Dental Anxiety Introduction

by Dr. Joyce Levitt on May 13, 2011


Dental anxiety is a highly prevalent condition affecting approximately 30% of the population. Dental anxiety can be distinguished from dental fear and phobia by the way our mind and body react.

Dental fear is an individual’s emotional response to a perceived threat or danger. It includes negative thoughts and physiological changes such as increased heart rate, sweaty palms, shaking, shortness of breath or a tight sensation in the throat.

Dental anxiety is better defined as the response to situations in which the source of the threat to the individual is ill-defined, ambiguous or not immediately present. Anticipatory anxiety prior to dental procedures is commonly experienced.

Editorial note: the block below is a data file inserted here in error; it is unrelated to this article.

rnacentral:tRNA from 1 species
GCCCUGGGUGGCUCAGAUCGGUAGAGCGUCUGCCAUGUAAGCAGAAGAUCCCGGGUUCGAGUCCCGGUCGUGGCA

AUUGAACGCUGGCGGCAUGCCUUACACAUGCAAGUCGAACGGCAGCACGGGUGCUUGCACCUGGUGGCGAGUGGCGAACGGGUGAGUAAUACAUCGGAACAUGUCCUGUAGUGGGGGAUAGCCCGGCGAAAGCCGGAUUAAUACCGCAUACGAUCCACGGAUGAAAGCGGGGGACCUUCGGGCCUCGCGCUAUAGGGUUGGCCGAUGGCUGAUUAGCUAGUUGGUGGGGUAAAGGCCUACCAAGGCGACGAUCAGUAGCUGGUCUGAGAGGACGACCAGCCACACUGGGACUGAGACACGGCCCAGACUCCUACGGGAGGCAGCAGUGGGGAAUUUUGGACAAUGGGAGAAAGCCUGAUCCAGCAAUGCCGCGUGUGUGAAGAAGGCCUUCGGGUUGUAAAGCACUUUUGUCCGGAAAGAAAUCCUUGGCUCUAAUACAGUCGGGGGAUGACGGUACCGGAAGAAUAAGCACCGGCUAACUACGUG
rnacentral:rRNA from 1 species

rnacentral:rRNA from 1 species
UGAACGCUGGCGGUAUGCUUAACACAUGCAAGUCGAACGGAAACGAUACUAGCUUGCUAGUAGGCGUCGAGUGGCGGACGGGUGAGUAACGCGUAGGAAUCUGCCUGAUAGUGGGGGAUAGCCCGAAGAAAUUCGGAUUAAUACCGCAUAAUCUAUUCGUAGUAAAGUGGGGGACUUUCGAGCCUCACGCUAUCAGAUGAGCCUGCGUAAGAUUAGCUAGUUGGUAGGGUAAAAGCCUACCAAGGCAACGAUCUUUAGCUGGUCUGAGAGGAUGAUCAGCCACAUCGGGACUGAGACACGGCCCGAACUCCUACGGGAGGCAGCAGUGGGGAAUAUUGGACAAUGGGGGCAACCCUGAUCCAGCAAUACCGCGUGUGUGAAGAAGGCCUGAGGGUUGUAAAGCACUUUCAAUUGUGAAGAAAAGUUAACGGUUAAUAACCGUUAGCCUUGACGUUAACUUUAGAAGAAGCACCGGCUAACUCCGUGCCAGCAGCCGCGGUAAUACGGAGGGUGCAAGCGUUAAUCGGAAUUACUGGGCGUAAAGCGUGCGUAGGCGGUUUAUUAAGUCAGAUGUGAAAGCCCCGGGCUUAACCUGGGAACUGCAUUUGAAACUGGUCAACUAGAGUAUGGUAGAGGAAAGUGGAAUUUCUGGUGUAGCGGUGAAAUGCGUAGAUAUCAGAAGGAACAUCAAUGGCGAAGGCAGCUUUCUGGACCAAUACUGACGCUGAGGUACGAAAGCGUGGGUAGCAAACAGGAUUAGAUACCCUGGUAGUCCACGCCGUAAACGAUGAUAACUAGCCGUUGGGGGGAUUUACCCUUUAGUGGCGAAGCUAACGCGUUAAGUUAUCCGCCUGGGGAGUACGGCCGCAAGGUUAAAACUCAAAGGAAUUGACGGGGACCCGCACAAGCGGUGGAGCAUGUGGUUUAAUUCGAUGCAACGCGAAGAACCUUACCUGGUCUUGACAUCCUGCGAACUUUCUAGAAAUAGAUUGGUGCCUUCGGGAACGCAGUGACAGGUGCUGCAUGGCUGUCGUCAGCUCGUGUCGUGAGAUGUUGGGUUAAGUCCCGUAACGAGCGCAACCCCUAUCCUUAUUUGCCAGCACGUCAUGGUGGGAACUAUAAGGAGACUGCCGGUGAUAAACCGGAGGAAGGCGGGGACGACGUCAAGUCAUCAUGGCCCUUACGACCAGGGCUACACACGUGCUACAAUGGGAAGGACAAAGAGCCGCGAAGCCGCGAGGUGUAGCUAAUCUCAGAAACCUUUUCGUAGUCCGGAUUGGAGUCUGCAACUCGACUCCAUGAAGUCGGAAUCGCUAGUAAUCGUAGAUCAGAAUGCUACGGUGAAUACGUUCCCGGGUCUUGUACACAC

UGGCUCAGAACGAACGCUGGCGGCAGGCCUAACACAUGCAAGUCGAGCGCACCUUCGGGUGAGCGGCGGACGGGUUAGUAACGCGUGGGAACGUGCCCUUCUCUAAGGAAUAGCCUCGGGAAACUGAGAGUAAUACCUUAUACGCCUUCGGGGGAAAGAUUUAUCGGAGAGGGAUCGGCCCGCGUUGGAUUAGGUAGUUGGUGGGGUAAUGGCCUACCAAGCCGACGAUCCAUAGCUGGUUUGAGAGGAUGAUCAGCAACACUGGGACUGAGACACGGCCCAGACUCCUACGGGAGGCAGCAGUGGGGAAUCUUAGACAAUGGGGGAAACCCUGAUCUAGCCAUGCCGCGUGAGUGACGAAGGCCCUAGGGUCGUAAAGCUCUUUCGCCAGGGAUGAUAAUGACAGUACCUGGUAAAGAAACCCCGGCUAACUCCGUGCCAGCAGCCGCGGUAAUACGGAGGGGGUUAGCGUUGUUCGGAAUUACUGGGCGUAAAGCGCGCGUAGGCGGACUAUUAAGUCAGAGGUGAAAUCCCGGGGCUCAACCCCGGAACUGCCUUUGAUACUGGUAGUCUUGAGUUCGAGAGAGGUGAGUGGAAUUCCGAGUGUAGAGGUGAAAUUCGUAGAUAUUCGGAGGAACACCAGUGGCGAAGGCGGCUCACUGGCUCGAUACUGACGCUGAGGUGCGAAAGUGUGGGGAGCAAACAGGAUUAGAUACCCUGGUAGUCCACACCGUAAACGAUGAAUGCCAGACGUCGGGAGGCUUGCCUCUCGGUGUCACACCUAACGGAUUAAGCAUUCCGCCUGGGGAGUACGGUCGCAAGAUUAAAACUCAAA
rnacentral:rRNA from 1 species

Dental phobia is a more extreme example of dental anxiety. Phobia is defined as a marked and persistent fear of a clearly defined object or situation. Exposure to the phobic stimulus provokes an immediate anxiety response. Typically the individual will actively avoid the object or situation resulting insignificant distress and interference with a person’s ability to function.

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